Tour de force
It's that time again - the Tour de France. I'm no cyclist, not having been on bike since my student days. Back then I used to cycle to the tennis courts on summer evenings, and cycle out with friends on the quiet country roads around the village. But over the past few years I've become besotted by the Tour de France, that epic 3 week unfolding drama. We holidayed in the Bordeaux area one year just before the Tour passed through, and it was evident in even the smallest of hamlets that something of the magnitude of a royal visit was about to happen. Everything that could be was painted, swept, polished, renovated. And unlike a royal visit, no-one would even stop - unless they fell off. I started watching the race on TV. At first it was the footage of France that drew me in. Then gradually, almost without noticing, I began to pick up some of the technicalities. And now it's a highlight of my year.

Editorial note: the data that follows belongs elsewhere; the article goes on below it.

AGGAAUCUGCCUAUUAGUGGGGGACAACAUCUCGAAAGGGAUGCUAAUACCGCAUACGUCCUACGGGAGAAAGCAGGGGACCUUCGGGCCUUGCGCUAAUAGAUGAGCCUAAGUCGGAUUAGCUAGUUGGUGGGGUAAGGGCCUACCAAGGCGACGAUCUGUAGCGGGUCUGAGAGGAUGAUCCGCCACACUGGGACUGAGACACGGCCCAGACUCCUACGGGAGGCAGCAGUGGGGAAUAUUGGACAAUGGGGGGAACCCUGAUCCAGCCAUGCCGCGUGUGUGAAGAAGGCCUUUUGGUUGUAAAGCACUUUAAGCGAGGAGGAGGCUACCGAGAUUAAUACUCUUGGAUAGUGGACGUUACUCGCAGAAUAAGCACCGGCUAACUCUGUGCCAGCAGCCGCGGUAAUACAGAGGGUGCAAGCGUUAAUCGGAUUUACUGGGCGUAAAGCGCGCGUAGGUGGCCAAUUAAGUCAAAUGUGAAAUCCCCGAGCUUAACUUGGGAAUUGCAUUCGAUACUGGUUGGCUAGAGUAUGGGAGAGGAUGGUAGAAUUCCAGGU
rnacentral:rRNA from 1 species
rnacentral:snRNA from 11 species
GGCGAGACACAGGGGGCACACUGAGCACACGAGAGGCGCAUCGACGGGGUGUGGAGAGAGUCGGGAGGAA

It's one thing to watch it from the comfort of the sofa, but almost unimaginably another to ride the actual route within the same timeframe, a week in advance of the Tour itself. However that's what a friend is doing this year - riding the route for charity. The Tour de Force takes riders on some or all of the stages of that year's Tour, raising money for the William Wates Memorial Trust to help the most disadvantaged young people keep away from a life of crime and violence and fulfill their potential. Imagine riding the daily hell of the Tour without having chosen this as a career, without the corporate resource of the big cycling teams, without years of finely-tuned training programmes. Have a look at Tony Does TDF and you'll see someone doing just that - and perhaps consider donating to the charity if you feel moved to.
You weren't going to get photo of me on a bike to illustrate this post, so I popped out from work to take some cycling-themed photos in the neighbourhood. The last photo below is one of the bike stores for cycle commuters at the University of Edinburgh.
And bon courage to Tony as he approaches the Alps!